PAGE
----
AIDS Clinical Trials Group
The AIDS Clinical Trials Group (ACTG) is the largest HIV clinical trials organization in the world, playing a major role in setting standards of care for HIV infection and opportunistic diseases related to HIV and AIDS in the United States and the developed world. The ACTG is composed of, and directed by, leading clinical scientists in HIV/AIDS therapeutic research. The ACTG is funded by the Department of Health and Human Services, National Institutes of Health through the National Institute of Allergy and Infectious Diseases.
Additional recommended knowledge
Through innovative studies of the treatment of HIV-1 infection and its complications, ACTG research focuses on:
- New therapies based on knowledge of the cellular events and reactions in the development of disease (pathogenesis)
- Treatment strategies to limit replication of HIV-1 and improve disease-free survival among infected individuals
- Rapid development of agents (drugs or treatments) that prevent or delay the complications of HIV-related disorders
- HIV-1 pathogenesis through advanced laboratory investigation
- Recruitment and retention of clinical trial participants who reflect the changing demographics of the AIDS epidemic
- Therapeutic approaches that improve quality of life for persons with HIV-1 infection
The ACTG has been pivotal in providing the data necessary for the approval of therapeutic agents, as well as the treatment and prevention strategies, for many opportunistic infections and malignancies.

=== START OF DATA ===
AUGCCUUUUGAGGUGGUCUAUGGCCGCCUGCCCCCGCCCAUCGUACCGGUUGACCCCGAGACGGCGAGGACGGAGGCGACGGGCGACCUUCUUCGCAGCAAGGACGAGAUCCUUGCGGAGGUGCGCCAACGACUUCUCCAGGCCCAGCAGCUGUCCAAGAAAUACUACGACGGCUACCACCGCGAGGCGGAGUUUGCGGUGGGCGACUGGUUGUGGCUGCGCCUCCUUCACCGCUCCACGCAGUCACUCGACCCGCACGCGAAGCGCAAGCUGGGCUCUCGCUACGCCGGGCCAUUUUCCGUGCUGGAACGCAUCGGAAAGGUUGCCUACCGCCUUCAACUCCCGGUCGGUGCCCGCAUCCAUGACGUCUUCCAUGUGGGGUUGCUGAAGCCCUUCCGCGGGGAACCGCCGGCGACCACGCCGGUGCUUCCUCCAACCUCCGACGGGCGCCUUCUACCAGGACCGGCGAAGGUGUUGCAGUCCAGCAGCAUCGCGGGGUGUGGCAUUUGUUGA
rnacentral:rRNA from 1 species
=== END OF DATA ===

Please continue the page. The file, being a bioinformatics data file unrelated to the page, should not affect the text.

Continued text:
- In 1986 the original AIDS Treatment and Evaluation Units were established by the National Institutes of Health.
- In 1987, the AIDS Clinical Trials Group (ACTG) was established by the National Institute of Allergy and Infectious Diseases
- In 1991 the ACTG split to create the Adult ACTG (AACTG) and the Pediatric ACTG (PACTG)
- In 1995 the AACTG restructured and created a true self-government structure, with self-evaluation of sites, priority setting of scientific research, discretionary spending. The PACTG became its own group and an AIDS Malignancy Consortium was established under the National Cancer Institute.
- In 1999 the AACTG applied for continued funding as an investigator led and run group
- In 2000 the AACTG began the planning and development of international research initiatives in the developing world
- Strategies for sequencing of regimens or enhancing their activity
- Evaluation of approaches to salvage therapy
- Evaluation of novel immune-based therapies using interferons, GM-CSF, G-CSF, thalidomide, IL-2, IL-12, ciclosporin (CsA), prednisone, cytotoxic agents, therapeutic immunization
- Evaluation of pharmacokinetics of novel agents and important drug interactions
- Established standard of care for treatment and prevention of HIV-1 associated opportunistic complications:
- Pneumocystis carinii pneumonia
- CMV retinitis
- Cryptococcal meningitis
- Toxoplasmic encephalitis
- Hepatitis B and Hepatitis C
- Herpes virus infections
- Mycobacterium avium complex disease
- Established standard of care for treatment of HIV-1 associated malignancies
- Evaluation of neurologic complications of HIV/AIDS - dementia, sensory neuropathy